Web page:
BOOK REVIEW | "UNDER THE BIG BLACK SUN: A PERSONAL HISTOY OF L.A. PUNK" BY JOHN DOE WITH TOM DESAVIA AND FRIENDS
photo by nacrowe
this book covers what i would consider an often overlooked history in the story of PUNK ROCK and HARDCORE, which is that of the first wave of L.A. PUNK ROCK which lasted roughly from 1977-1982. much as what distinguishes this scene in terms of the diversity of its participants (varying race, sexual orientation, geography, class, politcal affiliation) and their sound (rockabilly, traditional chicano, avant garde, mixed-media, performance art), this book reflects such with its multiple authors as curated by X's JOHN DOE and co-author TOM DESAVIA. these writers include members of THE BRAT, THE GO-GO's, THE ZEROS, T.S.O.L., THE FLESH EATERS, THE MINUTEMEN, THE BLASTERS, BLACK FLAG, THE SCREAMING SIRENS and X. incorporating this many voices with their own chapters gives the book a unique depth from other books on the topic. you really get a feel for how the scene was initiated, evolved and ultimately fractured through the viewpoints of participants with varying perspectives on the topic. this was a deft structural decision by DOE and DESAVIA as it places the community as the author, which it seems was the ethos of the scene.
much of what has been written on L.A. PUNK is more or less associated with the HARDCORE scene of the 80s with such notorious bands as BLACK FLAG, CIRCLE JERKS, THE ADOLESCENTS, T.S.O.L. and THE MIDDLE CLASS, and deservedly so as such have had immeasurable effect on modern PUNK-influenced music, active sports (bmx, skateboarding, motocross, surfing, etc) and associated lifestyle industries. it could be argued modern youth culture is defined by this scene. what doesn't get as much appreciation is the fact that this scene evolved (or devolved) out of the first wave which was decidedly less violent and more inclusive.
in essence the first wave was an art movement informed by the previous GLAM ROCK fanbases of bands like T.REX and DAVID BOWIE morphing into the early punk crowds that first encountered 1977 PUNK bands like THE DAMNED, THE RAMONES, THE CLASH and THE SEX PISTOLS. its arguable that the ethos of the first wave was informed by GLAM ROCK and early PUNK. even hispanic participants from EAST L.A. took these influences as the impetus for picking up an instrument, not the inherited musical traditions of their parents.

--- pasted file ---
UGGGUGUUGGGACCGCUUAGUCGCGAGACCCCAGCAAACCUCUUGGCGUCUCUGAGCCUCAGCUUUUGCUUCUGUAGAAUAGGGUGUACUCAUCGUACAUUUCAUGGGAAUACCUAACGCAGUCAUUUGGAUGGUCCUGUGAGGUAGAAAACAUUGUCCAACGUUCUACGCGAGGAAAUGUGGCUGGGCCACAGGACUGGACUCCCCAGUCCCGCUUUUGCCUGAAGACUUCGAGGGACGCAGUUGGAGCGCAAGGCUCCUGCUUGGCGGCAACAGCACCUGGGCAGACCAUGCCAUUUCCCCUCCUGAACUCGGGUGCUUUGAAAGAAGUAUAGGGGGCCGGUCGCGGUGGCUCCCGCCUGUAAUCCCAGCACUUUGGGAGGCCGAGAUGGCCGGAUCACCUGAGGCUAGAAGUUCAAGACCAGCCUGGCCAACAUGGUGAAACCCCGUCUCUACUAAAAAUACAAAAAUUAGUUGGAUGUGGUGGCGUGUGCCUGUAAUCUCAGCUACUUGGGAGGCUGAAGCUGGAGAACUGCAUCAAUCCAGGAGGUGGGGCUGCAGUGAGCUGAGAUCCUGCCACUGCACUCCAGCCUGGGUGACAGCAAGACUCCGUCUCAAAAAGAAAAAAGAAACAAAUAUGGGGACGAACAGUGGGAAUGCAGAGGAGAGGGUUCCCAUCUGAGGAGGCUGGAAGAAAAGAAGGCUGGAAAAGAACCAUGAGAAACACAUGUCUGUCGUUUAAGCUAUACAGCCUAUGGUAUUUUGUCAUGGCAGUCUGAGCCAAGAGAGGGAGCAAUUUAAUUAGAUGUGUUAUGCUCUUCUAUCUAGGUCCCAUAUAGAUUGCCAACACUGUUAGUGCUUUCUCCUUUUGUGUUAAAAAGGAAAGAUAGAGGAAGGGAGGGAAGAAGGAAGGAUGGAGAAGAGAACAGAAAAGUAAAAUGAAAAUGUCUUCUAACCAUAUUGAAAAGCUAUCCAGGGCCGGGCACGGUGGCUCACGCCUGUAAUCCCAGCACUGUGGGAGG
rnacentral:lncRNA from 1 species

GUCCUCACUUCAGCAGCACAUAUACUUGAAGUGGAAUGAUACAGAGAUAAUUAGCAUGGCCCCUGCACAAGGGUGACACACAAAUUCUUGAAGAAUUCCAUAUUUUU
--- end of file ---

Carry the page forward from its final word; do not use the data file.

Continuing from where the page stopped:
the real inflection point of this novel is the transition that happened in the early 80s to HARDCORE, which was decidedly more violent, less inclusive and less experimental in its approach. this variant was all about aggression and spoke to an audience beyond the borders of the original scene. reading about how that played out and how both sides felt about it is beyond interesting as it constitutes a debate on the nature of PUNK ROCK and what that ever-mercurial tag actually means.
on one side you have a scene that prizes individuality and personal expression as a means of combating societal norms, whereas the other is not concerned with such subtleties and has more interest in burning the fucker down as a means nihilistic rage rooted in the subversion of the failed american dream as exemplified by the vacuous SOUTHERN CALIFORNIA lifestyle. its all a matter of perspective and of course, there is no correct interpretation.
this confusion is what i expect DOE was interested in when writing and compiling this book and i highly recommend it for anyone interested in PUNK or HARDCORE.
last christmas was the perfect time to take stock and celebrate the omnipresent hellscape that is the current TRUMPOCALPYSE we are all living through by playing nothing but 1980s HARDCORE.
at the time i was revisiting the subject by reading two books on the subject: Lexicon Devil (2002, Feral House) by Brendan Muller and American Hardcore: A Tribal History (2001, Feral House) by Stephen Blush. both are oral histories of the scene. the second publication was the impetus for an excellent 2006 documentary on the subject also titled American Hardcore (Sony Pictures). while we are on the subject, i would also recommend the 2014 documentary Salad Days (New Rose Films) on the 1980s D.C. punk scene as well as the SOCIAL DISTORTION documentary Another State of Mind (Time Bomb, 1984) and, of course, PENELOPE SPHEERIS' classic The Decline of Western Civilization (Spheeris Films, 1981). and now i'm just gonna push my luck by also recommending two books by JOHN DOE of X, Under the Big Black Sun: A Personal History of L.A. Punk (Da Capo Press, 2016) and the recently published sequel More Fun in the New World: The Unmaking and Legacy of L.A. Punk (Da Capo Press, 2019).
the immediacy of the music is the draw for me. there is a no-bullshit, take-it-or-leave-it aesthetic to 80s hardcore. it is what it is. if you want musicianship, go listen to RUSH or your parent's stuff. if you want a soundtrack to brutality, you are in the right place. politically i don't understand how this music or something in the spirit of it doesn't exist today. as bad as RONALD REAGAN was, he's nothing compared to our current RAPIST-IN-CHIEF.